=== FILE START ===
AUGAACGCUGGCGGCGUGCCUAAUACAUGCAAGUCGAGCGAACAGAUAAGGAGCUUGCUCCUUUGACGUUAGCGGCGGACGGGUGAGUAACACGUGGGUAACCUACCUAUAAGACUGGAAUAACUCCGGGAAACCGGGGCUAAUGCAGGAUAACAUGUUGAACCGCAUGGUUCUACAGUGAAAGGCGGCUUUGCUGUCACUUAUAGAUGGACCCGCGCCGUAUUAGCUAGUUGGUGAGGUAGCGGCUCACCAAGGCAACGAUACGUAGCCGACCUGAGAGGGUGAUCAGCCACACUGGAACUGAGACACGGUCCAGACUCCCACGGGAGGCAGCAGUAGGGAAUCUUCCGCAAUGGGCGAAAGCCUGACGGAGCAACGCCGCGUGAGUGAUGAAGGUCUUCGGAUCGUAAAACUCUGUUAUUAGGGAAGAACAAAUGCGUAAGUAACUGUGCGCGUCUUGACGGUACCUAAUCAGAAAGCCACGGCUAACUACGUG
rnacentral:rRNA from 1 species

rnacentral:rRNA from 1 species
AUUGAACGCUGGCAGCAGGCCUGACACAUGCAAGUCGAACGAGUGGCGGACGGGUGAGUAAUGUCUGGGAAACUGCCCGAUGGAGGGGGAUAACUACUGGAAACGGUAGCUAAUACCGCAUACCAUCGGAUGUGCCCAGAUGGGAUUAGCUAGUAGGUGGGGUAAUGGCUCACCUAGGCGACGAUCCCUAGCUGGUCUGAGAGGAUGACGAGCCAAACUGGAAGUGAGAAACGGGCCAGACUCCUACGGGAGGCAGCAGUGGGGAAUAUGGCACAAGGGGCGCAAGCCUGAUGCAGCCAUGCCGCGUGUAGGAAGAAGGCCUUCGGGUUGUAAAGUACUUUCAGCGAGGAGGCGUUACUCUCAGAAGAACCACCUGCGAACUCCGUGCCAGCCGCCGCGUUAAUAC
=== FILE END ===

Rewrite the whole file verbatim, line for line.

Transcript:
AUGAACGCUGGCGGCGUGCCUAAUACAUGCAAGUCGAGCGAACAGAUAAGGAGCUUGCUCCUUUGACGUUAGCGGCGGACGGGUGAGUAACACGUGGGUAACCUACCUAUAAGACUGGAAUAACUCCGGGAAACCGGGGCUAAUGCAGGAUAACAUGUUGAACCGCAUGGUUCUACAGUGAAAGGCGGCUUUGCUGUCACUUAUAGAUGGACCCGCGCCGUAUUAGCUAGUUGGUGAGGUAGCGGCUCACCAAGGCAACGAUACGUAGCCGACCUGAGAGGGUGAUCAGCCACACUGGAACUGAGACACGGUCCAGACUCCCACGGGAGGCAGCAGUAGGGAAUCUUCCGCAAUGGGCGAAAGCCUGACGGAGCAACGCCGCGUGAGUGAUGAAGGUCUUCGGAUCGUAAAACUCUGUUAUUAGGGAAGAACAAAUGCGUAAGUAACUGUGCGCGUCUUGACGGUACCUAAUCAGAAAGCCACGGCUAACUACGUG
rnacentral:rRNA from 1 species

rnacentral:rRNA from 1 species
AUUGAACGCUGGCAGCAGGCCUGACACAUGCAAGUCGAACGAGUGGCGGACGGGUGAGUAAUGUCUGGGAAACUGCCCGAUGGAGGGGGAUAACUACUGGAAACGGUAGCUAAUACCGCAUACCAUCGGAUGUGCCCAGAUGGGAUUAGCUAGUAGGUGGGGUAAUGGCUCACCUAGGCGACGAUCCCUAGCUGGUCUGAGAGGAUGACGAGCCAAACUGGAAGUGAGAAACGGGCCAGACUCCUACGGGAGGCAGCAGUGGGGAAUAUGGCACAAGGGGCGCAAGCCUGAUGCAGCCAUGCCGCGUGUAGGAAGAAGGCCUUCGGGUUGUAAAGUACUUUCAGCGAGGAGGCGUUACUCUCAGAAGAACCACCUGCGAACUCCGUGCCAGCCGCCGCGUUAAUAC